The Periodicals of American Transcendentalism

By Clarence L. F. Gohdes | Go to book overview

CHAPTER IV THE PRESENT

In the second series of his Imaginary Conversations, published in 1826, Walter Savage Landor put into the mouths of Franklin and Washington a woefully dull discussion of much pompous inanity. During the course of the conversation Franklin, who is made out to be little more than a subservient flatterer, expresses himself as follows:

I do not believe that the remainder of the world contains so many men who reason rightly as New England. Serious, religious, peaceable, inflexibly just and courageous, their stores of intellect are not squandered in the regions of fancy, nor in the desperate ventures of new-found and foggy metaphysics, but warehoused and kept sound at home. . . .

Whether these remarks adequately characterize the New England of Revolutionary times may be doubted. But if one were to search for a description of the intellectual state of New England during the period of its renaissance, no words could be found so far removed from the truth as those of Landor. One needs only to read Emerson's vivid account of the Chardon Street Convention, held in 1840,1 to realize how completely the intellect of the northeastern states was being "squandered in the regions of fancy."

Old John Quincy Adams, vainly endeavoring to understand the changes of the new era, wrote in his diary for August 2, 1840:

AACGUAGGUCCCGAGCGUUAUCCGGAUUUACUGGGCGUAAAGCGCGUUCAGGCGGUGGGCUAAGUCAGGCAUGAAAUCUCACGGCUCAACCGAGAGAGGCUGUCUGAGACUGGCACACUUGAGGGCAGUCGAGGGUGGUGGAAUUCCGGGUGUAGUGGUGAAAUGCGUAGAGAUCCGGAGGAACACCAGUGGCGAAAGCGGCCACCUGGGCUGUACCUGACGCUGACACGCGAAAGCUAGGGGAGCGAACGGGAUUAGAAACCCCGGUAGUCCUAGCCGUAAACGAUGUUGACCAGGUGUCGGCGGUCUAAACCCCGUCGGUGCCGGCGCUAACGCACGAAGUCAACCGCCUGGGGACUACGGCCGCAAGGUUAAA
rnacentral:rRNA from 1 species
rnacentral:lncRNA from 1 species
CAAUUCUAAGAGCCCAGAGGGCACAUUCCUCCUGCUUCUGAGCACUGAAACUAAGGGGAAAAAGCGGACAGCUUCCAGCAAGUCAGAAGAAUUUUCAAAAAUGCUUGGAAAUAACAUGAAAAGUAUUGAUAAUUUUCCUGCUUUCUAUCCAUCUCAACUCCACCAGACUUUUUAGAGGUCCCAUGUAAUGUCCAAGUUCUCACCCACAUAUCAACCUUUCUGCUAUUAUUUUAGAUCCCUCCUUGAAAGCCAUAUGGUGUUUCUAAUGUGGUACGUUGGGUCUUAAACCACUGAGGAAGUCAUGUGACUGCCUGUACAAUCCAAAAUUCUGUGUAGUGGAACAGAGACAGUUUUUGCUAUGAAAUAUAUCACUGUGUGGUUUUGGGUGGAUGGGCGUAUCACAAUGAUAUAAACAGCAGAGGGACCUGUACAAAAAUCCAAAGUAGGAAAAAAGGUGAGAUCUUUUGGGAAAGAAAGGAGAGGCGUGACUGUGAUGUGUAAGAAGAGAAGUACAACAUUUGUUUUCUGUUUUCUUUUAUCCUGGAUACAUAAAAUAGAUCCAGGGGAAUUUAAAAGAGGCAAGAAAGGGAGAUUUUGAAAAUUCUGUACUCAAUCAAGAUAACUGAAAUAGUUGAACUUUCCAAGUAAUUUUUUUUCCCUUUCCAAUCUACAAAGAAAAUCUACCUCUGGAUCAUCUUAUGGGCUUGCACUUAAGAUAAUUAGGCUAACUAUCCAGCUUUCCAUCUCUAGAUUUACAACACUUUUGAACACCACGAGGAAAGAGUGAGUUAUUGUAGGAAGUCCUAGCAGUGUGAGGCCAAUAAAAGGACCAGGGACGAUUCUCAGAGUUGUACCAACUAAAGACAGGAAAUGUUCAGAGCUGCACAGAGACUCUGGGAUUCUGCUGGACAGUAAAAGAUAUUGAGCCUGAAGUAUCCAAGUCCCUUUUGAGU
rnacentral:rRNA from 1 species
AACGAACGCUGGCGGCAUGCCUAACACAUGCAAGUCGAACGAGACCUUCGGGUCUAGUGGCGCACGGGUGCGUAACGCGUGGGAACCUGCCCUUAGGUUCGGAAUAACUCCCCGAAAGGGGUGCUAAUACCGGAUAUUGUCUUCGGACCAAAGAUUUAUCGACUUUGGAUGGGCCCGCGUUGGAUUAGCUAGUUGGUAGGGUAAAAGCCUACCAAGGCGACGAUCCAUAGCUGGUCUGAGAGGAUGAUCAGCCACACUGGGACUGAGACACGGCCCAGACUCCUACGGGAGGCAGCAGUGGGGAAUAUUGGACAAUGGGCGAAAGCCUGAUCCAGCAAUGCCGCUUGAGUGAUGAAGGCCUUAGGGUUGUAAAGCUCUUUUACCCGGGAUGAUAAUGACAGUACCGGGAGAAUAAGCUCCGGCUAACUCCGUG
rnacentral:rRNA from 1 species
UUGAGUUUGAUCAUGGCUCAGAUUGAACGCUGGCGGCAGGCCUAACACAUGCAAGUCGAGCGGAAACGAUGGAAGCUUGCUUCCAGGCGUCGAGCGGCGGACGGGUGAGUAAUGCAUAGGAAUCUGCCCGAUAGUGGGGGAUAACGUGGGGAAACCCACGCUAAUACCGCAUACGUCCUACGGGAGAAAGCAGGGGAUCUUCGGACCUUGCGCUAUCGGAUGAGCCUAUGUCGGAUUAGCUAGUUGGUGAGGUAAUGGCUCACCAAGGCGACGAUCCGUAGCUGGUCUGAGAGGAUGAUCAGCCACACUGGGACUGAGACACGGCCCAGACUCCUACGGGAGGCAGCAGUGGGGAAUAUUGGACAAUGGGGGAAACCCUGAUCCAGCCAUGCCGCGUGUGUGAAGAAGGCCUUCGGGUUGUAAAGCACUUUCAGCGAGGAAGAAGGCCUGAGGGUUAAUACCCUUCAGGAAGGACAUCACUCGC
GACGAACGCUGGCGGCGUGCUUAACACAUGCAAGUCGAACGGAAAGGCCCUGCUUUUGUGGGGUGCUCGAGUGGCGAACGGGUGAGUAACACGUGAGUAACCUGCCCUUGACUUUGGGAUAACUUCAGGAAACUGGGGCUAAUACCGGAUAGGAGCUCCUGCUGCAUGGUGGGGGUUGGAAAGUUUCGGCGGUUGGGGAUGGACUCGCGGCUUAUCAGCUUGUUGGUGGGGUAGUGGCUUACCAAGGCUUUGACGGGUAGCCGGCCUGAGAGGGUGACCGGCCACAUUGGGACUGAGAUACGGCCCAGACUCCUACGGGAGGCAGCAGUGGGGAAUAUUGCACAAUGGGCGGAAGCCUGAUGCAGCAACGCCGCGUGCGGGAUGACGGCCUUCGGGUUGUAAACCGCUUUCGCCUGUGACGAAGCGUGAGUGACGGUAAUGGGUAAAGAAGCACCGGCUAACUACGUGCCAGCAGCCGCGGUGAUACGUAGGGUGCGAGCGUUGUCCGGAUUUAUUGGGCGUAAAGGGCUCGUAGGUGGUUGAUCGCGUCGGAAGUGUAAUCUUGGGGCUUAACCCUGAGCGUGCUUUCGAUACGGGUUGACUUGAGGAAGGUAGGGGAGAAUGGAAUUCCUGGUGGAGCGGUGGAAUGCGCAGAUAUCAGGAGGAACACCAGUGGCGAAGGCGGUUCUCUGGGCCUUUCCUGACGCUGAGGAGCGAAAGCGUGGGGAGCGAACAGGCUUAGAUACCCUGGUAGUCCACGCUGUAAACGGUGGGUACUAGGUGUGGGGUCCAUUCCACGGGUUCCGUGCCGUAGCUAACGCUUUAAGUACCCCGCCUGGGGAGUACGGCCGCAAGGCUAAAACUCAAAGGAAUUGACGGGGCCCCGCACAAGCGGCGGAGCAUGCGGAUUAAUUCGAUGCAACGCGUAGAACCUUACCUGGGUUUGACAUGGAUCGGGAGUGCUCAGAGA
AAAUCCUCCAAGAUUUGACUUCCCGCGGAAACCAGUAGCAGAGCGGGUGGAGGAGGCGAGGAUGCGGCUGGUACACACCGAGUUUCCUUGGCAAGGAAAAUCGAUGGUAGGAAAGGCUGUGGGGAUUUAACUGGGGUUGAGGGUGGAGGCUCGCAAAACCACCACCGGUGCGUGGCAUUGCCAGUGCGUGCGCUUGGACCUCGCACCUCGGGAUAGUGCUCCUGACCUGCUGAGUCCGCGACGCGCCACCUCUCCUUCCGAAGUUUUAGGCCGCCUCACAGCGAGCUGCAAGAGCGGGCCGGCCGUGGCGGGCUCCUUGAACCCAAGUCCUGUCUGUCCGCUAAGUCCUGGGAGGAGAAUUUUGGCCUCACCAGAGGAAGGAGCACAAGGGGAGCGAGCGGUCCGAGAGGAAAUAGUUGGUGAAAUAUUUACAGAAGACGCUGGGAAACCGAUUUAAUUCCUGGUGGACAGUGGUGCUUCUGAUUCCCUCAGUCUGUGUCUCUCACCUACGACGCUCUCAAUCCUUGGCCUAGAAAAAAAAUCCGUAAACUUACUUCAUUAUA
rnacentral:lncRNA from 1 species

A young man, named Ralph Waldo Emerson, a son of my once-loved friend William Emerson, and a classmate of my lamented son George, after failing in the every-day avocations of a

____________________
1
The Dial, III, 100, reprinted in Lectures and Biographical Sketches. In connection with the Chardon Street Convention see also William Lloyd Garrison, the story of his life, told by his children, New York, 1885, II, 422 ff.

-83-

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The Periodicals of American Transcendentalism
Table of contents

Table of contents

  • Title Page iii
  • Preface v
  • Contents vii
  • Chapter I Introduction 3
  • Chapter II the Western Messenger and the Dial 17
  • Chapter III Orestes A. Brownson and the Boston Quarterly Review 38
  • Chapter IV the Present 83
  • Chapter V the Harbinger 101
  • Chapter VI the Spirit of the Age 132
  • Chapter VII Elizabeth Peabody and Her Æsthetic Papers 143
  • Chapter VIII the Massachusetts Quarterly Review 157
  • Chapter IX the Dial (cincinnati) 194
  • Chapter X the Radical 210
  • Chapter XI 229
  • Appendix Two Uncollected Emerson Items 255
  • Index 257
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